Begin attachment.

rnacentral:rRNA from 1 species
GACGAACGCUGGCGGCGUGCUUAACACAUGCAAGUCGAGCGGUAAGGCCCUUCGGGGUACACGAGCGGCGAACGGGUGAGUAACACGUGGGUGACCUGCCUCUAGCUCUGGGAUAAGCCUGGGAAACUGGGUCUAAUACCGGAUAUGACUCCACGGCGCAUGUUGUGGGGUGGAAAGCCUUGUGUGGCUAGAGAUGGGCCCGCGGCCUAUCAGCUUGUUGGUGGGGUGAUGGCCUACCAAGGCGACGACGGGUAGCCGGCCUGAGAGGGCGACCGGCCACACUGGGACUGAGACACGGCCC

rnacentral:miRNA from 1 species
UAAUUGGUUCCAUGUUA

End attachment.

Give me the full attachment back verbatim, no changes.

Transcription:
rnacentral:rRNA from 1 species
GACGAACGCUGGCGGCGUGCUUAACACAUGCAAGUCGAGCGGUAAGGCCCUUCGGGGUACACGAGCGGCGAACGGGUGAGUAACACGUGGGUGACCUGCCUCUAGCUCUGGGAUAAGCCUGGGAAACUGGGUCUAAUACCGGAUAUGACUCCACGGCGCAUGUUGUGGGGUGGAAAGCCUUGUGUGGCUAGAGAUGGGCCCGCGGCCUAUCAGCUUGUUGGUGGGGUGAUGGCCUACCAAGGCGACGACGGGUAGCCGGCCUGAGAGGGCGACCGGCCACACUGGGACUGAGACACGGCCC

rnacentral:miRNA from 1 species
UAAUUGGUUCCAUGUUA